Density functional theory on a lattice

Zur Erlangung des akademischen Grades eines

Doktors der Naturwissenschaften

der Mathematisch-Naturwissenschaftlichen Fakultät

der Universität Augsburg

vorgelegte

Dissertation

von

Stefan Schenk

Augsburg, Mai 2009Erstgutachter: Priv.-Doz. Dr. P. Schwab

Zweitgutachter: Prof. Dr. G.-L. Ingold

Tag der mündlichen Prüfung: 16. Juli 2009Contents

1 Introduction 5

2 Spinless Fermions 9

2.1 Model . . . . . . . . . . . . . . . . . . . . . . . . . . . . . . . . . . . . . . 9

2.2 Ferromagnetic, antiferromagnetic and gapless phase . . . . . . . . . . . . . 11

3 Static density functional theory 15

3.1 Density functional theory by Legendre transformation . . . . . . . . . . . 15

3.2 Approximations . . . . . . . . . . . . . . . . . . . . . . . . . . . . . . . . . 17

3.2.1 Local density approximation . . . . . . . . . . . . . . . . . . . . . . 17

3.2.2 Gradient approximations . . . . . . . . . . . . . . . . . . . . . . . . 19

3.2.3 Exact-exchange method . . . . . . . . . . . . . . . . . . . . . . . . 19

3.3 Practical applications . . . . . . . . . . . . . . . . . . . . . . . . . . . . . . 21

3.3.1 Charge gap in the spinless fermion model . . . . . . . . . . . . . . 22

3.3.2 Stability of the homogeneous system . . . . . . . . . . . . . . . . . 24

3.3.3 Static susceptibility . . . . . . . . . . . . . . . . . . . . . . . . . . 27

3.3.4 Scattering from a single impurity . . . . . . . . . . . . . . . . . . . 29

4 Time-dependent density functional theory 37

4.1 Time-dependent density functional theory by Legendre transformation . . 37

4.1.1 The Keldysh time-evolution . . . . . . . . . . . . . . . . . . . . . . 37

4.1.2 Action functional . . . . . . . . . . . . . . . . . . . . . . . . . . . . 39

4.1.3 Gauge invariance . . . . . . . . . . . . . . . . . . . . . . . . . . . . 40

4.1.4 Dynamical susceptibility and causality . . . . . . . . . . . . . . . . 41

4.2 Approximations . . . . . . . . . . . . . . . . . . . . . . . . . . . . . . . . . 43

4.3 Dynamic Susceptibility . . . . . . . . . . . . . . . . . . . . . . . . . . . . . 44

5 Transport through a quantum dot 49

5.1 Model . . . . . . . . . . . . . . . . . . . . . . . . . . . . . . . . . . . . . . 49

5.2 Eﬀective potentials from exact diagonalization . . . . . . . . . . . . . . . . 51

5.3 Linear conductance . . . . . . . . . . . . . . . . . . . . . . . . . . . . . . . 54

5.4 Results . . . . . . . . . . . . . . . . . . . . . . . . . . . . . . . . . . . . . . 57

5.4.1 General features . . . . . . . . . . . . . . . . . . . . . . . . . . . . 57

5.4.2 Local density approximation . . . . . . . . . . . . . . . . . . . . . . 58

5.4.3 Exact exchange approximation . . . . . . . . . . . . . . . . . . . . 61

5.4.4 Exchange-correlation potentials from exact diagonalization . . . . . 62

3Contents

6 Resumé 65

A Some details of the spinless fermion model 69

A.1 Jordan-Wigner-Transformation . . . . . . . . . . . . . . . . . . . . . . . . 69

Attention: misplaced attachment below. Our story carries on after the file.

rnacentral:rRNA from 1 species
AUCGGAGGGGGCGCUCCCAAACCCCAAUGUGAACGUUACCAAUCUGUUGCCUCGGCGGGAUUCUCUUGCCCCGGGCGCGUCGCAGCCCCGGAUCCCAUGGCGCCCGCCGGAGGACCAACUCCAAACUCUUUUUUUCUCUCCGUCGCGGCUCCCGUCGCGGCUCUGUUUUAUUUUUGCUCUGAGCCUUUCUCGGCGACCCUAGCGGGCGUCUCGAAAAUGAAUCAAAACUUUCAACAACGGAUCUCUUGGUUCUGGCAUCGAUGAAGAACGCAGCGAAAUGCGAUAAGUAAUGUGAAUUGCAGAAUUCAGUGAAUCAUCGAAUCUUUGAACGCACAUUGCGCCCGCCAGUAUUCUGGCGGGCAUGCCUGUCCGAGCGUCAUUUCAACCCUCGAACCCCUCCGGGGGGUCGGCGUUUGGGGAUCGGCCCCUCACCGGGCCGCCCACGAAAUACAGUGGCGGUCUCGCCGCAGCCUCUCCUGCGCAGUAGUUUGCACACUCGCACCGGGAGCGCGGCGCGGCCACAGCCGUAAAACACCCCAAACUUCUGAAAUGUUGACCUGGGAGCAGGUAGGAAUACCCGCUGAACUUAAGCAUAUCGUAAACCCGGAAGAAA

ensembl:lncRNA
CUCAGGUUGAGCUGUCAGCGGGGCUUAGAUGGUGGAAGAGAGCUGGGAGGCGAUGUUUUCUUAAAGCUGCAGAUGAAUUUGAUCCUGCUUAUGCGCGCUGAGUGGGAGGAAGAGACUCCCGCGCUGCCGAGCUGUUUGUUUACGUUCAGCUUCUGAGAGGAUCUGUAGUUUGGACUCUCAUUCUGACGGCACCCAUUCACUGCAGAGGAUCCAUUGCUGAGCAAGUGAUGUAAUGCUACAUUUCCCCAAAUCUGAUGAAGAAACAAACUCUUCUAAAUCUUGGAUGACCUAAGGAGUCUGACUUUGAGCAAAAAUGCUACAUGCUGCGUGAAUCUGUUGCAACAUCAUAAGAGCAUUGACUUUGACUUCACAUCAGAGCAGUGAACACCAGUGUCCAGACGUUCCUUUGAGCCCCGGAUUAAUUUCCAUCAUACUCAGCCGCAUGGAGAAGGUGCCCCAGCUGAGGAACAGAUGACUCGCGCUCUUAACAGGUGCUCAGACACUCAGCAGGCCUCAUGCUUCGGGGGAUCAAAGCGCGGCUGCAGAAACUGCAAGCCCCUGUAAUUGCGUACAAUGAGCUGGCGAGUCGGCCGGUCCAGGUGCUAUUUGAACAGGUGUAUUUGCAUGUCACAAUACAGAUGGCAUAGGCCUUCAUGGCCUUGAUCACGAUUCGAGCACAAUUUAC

A.2 Bethe ansatz for spinless fermions . . . . . . . . . . . . . . . . . . . . . . . 69

B Hohenberg-Kohn theorem 73

C Legendre transformations within DFT 75

C.1 Deﬁnition . . . . . . . . . . . . . . . . . . . . . . . . . . . . . . . . . . . . 75

C.2 Existence within the DFT context . . . . . . . . . . . . . . . . . . . . . . 75

C.3 V-representability . . . . . . . . . . . . . . . . . . . . . . . . . . . . . . . . 76

D Properties of the dynamical susceptibility 77

E Transparent boundaries 79

F Potentials from exact diagonalizations for bulk systems 81

F.1 Applicability of the exact diagonalization procedure to bulk systems . . . 81

F.2 Constructing nonlocal potentials from the exact susceptibility . . . . . . . 85

41 Introduction

Densityfunctionaltheory(DFT)wasformulatedmorethan40yearsagobyPierreHohen-

berg,WalterKohnandLuJeuSham[1,2]. Sincethenithasbeencontinuouslydeveloped

and extended and is now one of the most commonly used tools for the study of electronic

structure in condensed matter physics and quantum chemistry. Its basic idea is to ex-

press the ground state energy in terms of the particle density and thereby providing a

mapping between an interacting many-body system and a noninteracting single-particle

Hamiltonian. Already in the ﬁrst years DFT has been used not only for calculations

of electron densities but also of spin densities [2, 3]. Other important extensions are

the inclusion of vector potentials [3, 4, 5, 6] and time-dependent potentials [7, 8, 9, 10].

The former allows for calculations with magnetic ﬁelds and expresses the ground state

energy as a functional of the density and the current-density, while the latter leads to

time-dependent densities. Both extensions are needed for a fully gauge invariant formu-

lation of density functional theory. Furthermore – while the static formulation allows

only for ground state properties, e.g. the ground state energy – time-dependent density

functional theory (TDDFT) gives also access to excitation energies via the singularities

of the linear response function [11].

Contrary tothesesuccesses, onecrucial ingredient forpractical applications ofdensity

functional theory, the so-called exchange-correlation energy, is not known exactly. Often

the interaction is split into two parts, the Hartree energy, which is easy to incorporate

into the formalism, and the exchange-correlation energy. Unfortunately the construction

of thetheory makes approximations forthis latterpart quiteintransparent. Identifyinga

well deﬁned (explicit) expansion parameter, e.g. the interaction strength, and expanding

up to a certain order in this parameter, is not that straightforward and obvious for DFT.

Although known in principle for quite a long time [12, 13] this method has not been